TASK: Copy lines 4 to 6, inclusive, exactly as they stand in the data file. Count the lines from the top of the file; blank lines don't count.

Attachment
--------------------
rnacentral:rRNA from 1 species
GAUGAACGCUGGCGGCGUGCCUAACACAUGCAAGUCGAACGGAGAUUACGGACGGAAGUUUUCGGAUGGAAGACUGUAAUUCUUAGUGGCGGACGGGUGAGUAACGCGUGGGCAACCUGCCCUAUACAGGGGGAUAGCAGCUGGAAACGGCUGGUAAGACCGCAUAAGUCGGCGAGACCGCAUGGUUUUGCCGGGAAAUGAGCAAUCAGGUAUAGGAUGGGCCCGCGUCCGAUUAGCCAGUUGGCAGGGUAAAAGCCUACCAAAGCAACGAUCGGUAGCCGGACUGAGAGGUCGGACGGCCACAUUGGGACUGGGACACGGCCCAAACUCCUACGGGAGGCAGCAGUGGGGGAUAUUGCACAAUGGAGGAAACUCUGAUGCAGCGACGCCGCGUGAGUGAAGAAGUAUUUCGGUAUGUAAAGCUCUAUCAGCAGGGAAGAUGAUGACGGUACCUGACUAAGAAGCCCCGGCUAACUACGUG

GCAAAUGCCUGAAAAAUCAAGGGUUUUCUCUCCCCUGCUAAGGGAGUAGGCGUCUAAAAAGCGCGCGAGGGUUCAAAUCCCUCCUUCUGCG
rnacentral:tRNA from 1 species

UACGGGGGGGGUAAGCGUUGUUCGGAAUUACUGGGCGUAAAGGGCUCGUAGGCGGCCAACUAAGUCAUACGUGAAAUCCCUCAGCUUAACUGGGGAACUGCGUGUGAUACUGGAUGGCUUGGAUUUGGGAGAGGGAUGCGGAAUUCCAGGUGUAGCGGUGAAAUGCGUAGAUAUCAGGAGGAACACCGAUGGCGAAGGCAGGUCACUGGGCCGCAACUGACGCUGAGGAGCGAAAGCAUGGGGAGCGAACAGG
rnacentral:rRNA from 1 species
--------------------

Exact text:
rnacentral:tRNA from 1 species

UACGGGGGGGGUAAGCGUUGUUCGGAAUUACUGGGCGUAAAGGGCUCGUAGGCGGCCAACUAAGUCAUACGUGAAAUCCCUCAGCUUAACUGGGGAACUGCGUGUGAUACUGGAUGGCUUGGAUUUGGGAGAGGGAUGCGGAAUUCCAGGUGUAGCGGUGAAAUGCGUAGAUAUCAGGAGGAACACCGAUGGCGAAGGCAGGUCACUGGGCCGCAACUGACGCUGAGGAGCGAAAGCAUGGGGAGCGAACAGG
rnacentral:rRNA from 1 species